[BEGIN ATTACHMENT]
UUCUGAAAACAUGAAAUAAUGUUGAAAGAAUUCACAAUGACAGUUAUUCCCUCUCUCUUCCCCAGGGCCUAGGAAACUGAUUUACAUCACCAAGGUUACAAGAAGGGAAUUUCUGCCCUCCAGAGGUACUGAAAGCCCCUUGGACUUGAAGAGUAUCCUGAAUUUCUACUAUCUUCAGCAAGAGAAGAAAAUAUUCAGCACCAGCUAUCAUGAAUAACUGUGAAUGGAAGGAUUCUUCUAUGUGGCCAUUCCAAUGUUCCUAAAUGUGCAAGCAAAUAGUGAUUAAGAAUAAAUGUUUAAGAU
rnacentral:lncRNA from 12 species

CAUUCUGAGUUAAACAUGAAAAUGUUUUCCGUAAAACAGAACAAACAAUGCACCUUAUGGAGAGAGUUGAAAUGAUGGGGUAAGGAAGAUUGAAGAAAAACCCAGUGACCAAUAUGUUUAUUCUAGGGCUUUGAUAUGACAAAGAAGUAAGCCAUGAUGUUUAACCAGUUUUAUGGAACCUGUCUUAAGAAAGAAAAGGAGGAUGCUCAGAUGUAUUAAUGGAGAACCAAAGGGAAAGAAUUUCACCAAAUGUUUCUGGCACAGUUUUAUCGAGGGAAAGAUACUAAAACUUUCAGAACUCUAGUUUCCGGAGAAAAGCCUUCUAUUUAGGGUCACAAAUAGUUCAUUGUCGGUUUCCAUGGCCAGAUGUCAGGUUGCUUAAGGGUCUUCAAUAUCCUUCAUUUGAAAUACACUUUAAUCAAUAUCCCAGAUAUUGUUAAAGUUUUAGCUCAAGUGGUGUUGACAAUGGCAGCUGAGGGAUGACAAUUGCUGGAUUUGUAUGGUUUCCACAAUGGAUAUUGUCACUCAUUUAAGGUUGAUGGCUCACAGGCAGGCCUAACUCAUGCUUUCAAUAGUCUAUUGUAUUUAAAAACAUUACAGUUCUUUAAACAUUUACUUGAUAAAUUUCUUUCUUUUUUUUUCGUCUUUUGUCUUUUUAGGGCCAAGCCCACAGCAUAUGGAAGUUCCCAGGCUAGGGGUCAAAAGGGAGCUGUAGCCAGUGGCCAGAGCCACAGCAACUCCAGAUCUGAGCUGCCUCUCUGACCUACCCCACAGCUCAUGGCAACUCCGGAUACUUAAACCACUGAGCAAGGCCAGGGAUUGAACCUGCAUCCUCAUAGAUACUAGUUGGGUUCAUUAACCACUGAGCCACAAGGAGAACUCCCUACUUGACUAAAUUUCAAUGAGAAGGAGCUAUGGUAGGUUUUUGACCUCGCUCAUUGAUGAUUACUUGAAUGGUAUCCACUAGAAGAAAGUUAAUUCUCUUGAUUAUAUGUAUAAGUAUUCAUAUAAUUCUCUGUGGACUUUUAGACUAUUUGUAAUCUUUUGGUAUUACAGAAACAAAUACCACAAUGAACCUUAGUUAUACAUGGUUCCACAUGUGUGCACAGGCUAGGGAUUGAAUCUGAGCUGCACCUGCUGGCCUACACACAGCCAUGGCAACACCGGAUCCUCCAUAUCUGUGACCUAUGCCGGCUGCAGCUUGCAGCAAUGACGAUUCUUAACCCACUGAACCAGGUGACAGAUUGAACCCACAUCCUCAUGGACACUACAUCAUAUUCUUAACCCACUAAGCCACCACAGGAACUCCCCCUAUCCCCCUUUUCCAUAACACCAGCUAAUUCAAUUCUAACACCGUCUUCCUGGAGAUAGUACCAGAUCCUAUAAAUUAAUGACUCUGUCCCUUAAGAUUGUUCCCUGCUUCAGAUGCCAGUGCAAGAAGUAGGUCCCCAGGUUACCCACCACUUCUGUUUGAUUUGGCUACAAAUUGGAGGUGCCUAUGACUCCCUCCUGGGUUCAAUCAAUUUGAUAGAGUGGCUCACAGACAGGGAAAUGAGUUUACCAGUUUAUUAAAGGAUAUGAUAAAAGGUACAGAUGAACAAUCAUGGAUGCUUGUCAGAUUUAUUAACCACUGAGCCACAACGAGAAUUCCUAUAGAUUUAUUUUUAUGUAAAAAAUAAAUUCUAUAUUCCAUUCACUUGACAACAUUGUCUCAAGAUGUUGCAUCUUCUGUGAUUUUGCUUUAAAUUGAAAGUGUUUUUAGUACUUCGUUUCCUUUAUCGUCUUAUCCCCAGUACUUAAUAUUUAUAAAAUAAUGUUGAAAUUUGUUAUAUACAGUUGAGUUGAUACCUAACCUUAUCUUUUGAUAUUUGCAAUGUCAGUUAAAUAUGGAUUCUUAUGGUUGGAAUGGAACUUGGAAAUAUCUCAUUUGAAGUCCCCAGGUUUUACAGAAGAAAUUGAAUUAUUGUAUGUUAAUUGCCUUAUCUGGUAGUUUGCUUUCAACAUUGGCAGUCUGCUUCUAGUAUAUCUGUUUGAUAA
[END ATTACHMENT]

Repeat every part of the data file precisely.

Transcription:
UUCUGAAAACAUGAAAUAAUGUUGAAAGAAUUCACAAUGACAGUUAUUCCCUCUCUCUUCCCCAGGGCCUAGGAAACUGAUUUACAUCACCAAGGUUACAAGAAGGGAAUUUCUGCCCUCCAGAGGUACUGAAAGCCCCUUGGACUUGAAGAGUAUCCUGAAUUUCUACUAUCUUCAGCAAGAGAAGAAAAUAUUCAGCACCAGCUAUCAUGAAUAACUGUGAAUGGAAGGAUUCUUCUAUGUGGCCAUUCCAAUGUUCCUAAAUGUGCAAGCAAAUAGUGAUUAAGAAUAAAUGUUUAAGAU
rnacentral:lncRNA from 12 species

CAUUCUGAGUUAAACAUGAAAAUGUUUUCCGUAAAACAGAACAAACAAUGCACCUUAUGGAGAGAGUUGAAAUGAUGGGGUAAGGAAGAUUGAAGAAAAACCCAGUGACCAAUAUGUUUAUUCUAGGGCUUUGAUAUGACAAAGAAGUAAGCCAUGAUGUUUAACCAGUUUUAUGGAACCUGUCUUAAGAAAGAAAAGGAGGAUGCUCAGAUGUAUUAAUGGAGAACCAAAGGGAAAGAAUUUCACCAAAUGUUUCUGGCACAGUUUUAUCGAGGGAAAGAUACUAAAACUUUCAGAACUCUAGUUUCCGGAGAAAAGCCUUCUAUUUAGGGUCACAAAUAGUUCAUUGUCGGUUUCCAUGGCCAGAUGUCAGGUUGCUUAAGGGUCUUCAAUAUCCUUCAUUUGAAAUACACUUUAAUCAAUAUCCCAGAUAUUGUUAAAGUUUUAGCUCAAGUGGUGUUGACAAUGGCAGCUGAGGGAUGACAAUUGCUGGAUUUGUAUGGUUUCCACAAUGGAUAUUGUCACUCAUUUAAGGUUGAUGGCUCACAGGCAGGCCUAACUCAUGCUUUCAAUAGUCUAUUGUAUUUAAAAACAUUACAGUUCUUUAAACAUUUACUUGAUAAAUUUCUUUCUUUUUUUUUCGUCUUUUGUCUUUUUAGGGCCAAGCCCACAGCAUAUGGAAGUUCCCAGGCUAGGGGUCAAAAGGGAGCUGUAGCCAGUGGCCAGAGCCACAGCAACUCCAGAUCUGAGCUGCCUCUCUGACCUACCCCACAGCUCAUGGCAACUCCGGAUACUUAAACCACUGAGCAAGGCCAGGGAUUGAACCUGCAUCCUCAUAGAUACUAGUUGGGUUCAUUAACCACUGAGCCACAAGGAGAACUCCCUACUUGACUAAAUUUCAAUGAGAAGGAGCUAUGGUAGGUUUUUGACCUCGCUCAUUGAUGAUUACUUGAAUGGUAUCCACUAGAAGAAAGUUAAUUCUCUUGAUUAUAUGUAUAAGUAUUCAUAUAAUUCUCUGUGGACUUUUAGACUAUUUGUAAUCUUUUGGUAUUACAGAAACAAAUACCACAAUGAACCUUAGUUAUACAUGGUUCCACAUGUGUGCACAGGCUAGGGAUUGAAUCUGAGCUGCACCUGCUGGCCUACACACAGCCAUGGCAACACCGGAUCCUCCAUAUCUGUGACCUAUGCCGGCUGCAGCUUGCAGCAAUGACGAUUCUUAACCCACUGAACCAGGUGACAGAUUGAACCCACAUCCUCAUGGACACUACAUCAUAUUCUUAACCCACUAAGCCACCACAGGAACUCCCCCUAUCCCCCUUUUCCAUAACACCAGCUAAUUCAAUUCUAACACCGUCUUCCUGGAGAUAGUACCAGAUCCUAUAAAUUAAUGACUCUGUCCCUUAAGAUUGUUCCCUGCUUCAGAUGCCAGUGCAAGAAGUAGGUCCCCAGGUUACCCACCACUUCUGUUUGAUUUGGCUACAAAUUGGAGGUGCCUAUGACUCCCUCCUGGGUUCAAUCAAUUUGAUAGAGUGGCUCACAGACAGGGAAAUGAGUUUACCAGUUUAUUAAAGGAUAUGAUAAAAGGUACAGAUGAACAAUCAUGGAUGCUUGUCAGAUUUAUUAACCACUGAGCCACAACGAGAAUUCCUAUAGAUUUAUUUUUAUGUAAAAAAUAAAUUCUAUAUUCCAUUCACUUGACAACAUUGUCUCAAGAUGUUGCAUCUUCUGUGAUUUUGCUUUAAAUUGAAAGUGUUUUUAGUACUUCGUUUCCUUUAUCGUCUUAUCCCCAGUACUUAAUAUUUAUAAAAUAAUGUUGAAAUUUGUUAUAUACAGUUGAGUUGAUACCUAACCUUAUCUUUUGAUAUUUGCAAUGUCAGUUAAAUAUGGAUUCUUAUGGUUGGAAUGGAACUUGGAAAUAUCUCAUUUGAAGUCCCCAGGUUUUACAGAAGAAAUUGAAUUAUUGUAUGUUAAUUGCCUUAUCUGGUAGUUUGCUUUCAACAUUGGCAGUCUGCUUCUAGUAUAUCUGUUUGAUAA